Tweaker

Don't blame Chris Vrenna for trying. Other former members of Nine Inch Nails have escaped Trent's inertia, but while they've found relative obscurity or mediocrity (see Guns N' Roses and Filter), Vrenna's solo work as Tweaker seems to strive for real, rarefied electronic artistry. 2001's The Attraction to All Things Uncertain was a credible debut full of astute guest vocals and ambient accessibility, but momentum is lost with a sophomore effort that drifts by in a cough syrup fog, failing to engage the listener on anything but an aesthetic level. Despite a fertile theme (that of nocturnal consciousness and dream states), the muted trip-hop beats (whose "Sell By" date expired with Portishead) that are sprinkled over acoustic picking, industrial pummeling and knob-noodling melancholia prove noteworthy solely from the standpoint of textured production. At best, 2 a.m. wakeup call recalls the occasional (and expected) instrumental fragility of NIN, and at worst, it leaves the borrowed pipes of Robert Smith, Will Oldham and Elysian Fields chanteuse Jennifer Charles with nothing to do but talk over bland down-tempo minimalist pop. A well-intentioned bore, this is nothing more than a disappointing diversion to the eventual rousing of Rip Van Reznor.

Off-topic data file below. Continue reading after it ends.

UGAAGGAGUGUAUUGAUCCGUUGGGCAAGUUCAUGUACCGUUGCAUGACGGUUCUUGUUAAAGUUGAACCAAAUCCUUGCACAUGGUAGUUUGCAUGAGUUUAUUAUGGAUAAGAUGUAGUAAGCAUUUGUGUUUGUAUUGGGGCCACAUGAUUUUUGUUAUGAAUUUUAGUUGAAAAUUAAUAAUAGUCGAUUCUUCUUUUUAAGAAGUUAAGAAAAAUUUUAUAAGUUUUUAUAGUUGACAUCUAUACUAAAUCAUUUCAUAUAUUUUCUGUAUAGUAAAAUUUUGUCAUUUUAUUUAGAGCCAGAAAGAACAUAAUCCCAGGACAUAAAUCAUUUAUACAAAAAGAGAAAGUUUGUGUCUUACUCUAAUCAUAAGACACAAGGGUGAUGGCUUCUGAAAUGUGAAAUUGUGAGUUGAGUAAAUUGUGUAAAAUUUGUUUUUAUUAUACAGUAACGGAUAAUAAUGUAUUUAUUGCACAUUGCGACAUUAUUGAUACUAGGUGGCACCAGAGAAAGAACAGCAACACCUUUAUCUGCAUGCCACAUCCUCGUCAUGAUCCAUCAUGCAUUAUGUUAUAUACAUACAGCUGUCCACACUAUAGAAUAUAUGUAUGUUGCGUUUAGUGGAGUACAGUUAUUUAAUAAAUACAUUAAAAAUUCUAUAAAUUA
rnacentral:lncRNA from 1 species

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Matt Hursh

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